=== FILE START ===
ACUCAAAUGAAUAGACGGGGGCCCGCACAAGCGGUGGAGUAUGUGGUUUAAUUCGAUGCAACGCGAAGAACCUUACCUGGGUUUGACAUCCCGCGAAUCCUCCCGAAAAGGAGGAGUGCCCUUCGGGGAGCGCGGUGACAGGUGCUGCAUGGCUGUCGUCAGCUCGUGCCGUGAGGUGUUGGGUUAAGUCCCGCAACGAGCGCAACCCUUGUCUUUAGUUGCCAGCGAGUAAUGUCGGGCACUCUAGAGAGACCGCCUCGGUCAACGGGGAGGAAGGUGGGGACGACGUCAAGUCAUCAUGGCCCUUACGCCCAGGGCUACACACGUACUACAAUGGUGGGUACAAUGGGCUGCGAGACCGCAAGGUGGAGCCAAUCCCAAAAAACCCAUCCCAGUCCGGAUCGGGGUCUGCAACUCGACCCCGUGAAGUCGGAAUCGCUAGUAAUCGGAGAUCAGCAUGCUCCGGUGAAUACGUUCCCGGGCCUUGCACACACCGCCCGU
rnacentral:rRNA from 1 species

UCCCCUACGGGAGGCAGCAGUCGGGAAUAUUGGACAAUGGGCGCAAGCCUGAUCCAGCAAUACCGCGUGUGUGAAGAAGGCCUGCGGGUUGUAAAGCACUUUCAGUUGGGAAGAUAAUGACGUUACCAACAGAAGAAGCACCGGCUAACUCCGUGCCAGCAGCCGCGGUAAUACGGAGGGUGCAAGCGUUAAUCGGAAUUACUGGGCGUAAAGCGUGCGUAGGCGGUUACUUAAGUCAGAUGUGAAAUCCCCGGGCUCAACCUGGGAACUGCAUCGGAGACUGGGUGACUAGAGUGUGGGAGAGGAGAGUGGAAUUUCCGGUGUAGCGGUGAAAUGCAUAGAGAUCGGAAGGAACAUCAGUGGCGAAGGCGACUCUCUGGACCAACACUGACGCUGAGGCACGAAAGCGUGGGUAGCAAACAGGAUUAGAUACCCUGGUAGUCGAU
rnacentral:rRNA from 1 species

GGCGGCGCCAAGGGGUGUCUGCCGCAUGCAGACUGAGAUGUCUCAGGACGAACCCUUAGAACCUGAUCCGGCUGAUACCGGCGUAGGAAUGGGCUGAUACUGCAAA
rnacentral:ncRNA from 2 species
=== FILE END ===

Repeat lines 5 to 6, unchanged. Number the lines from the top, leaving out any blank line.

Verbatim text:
GGCGGCGCCAAGGGGUGUCUGCCGCAUGCAGACUGAGAUGUCUCAGGACGAACCCUUAGAACCUGAUCCGGCUGAUACCGGCGUAGGAAUGGGCUGAUACUGCAAA
rnacentral:ncRNA from 2 species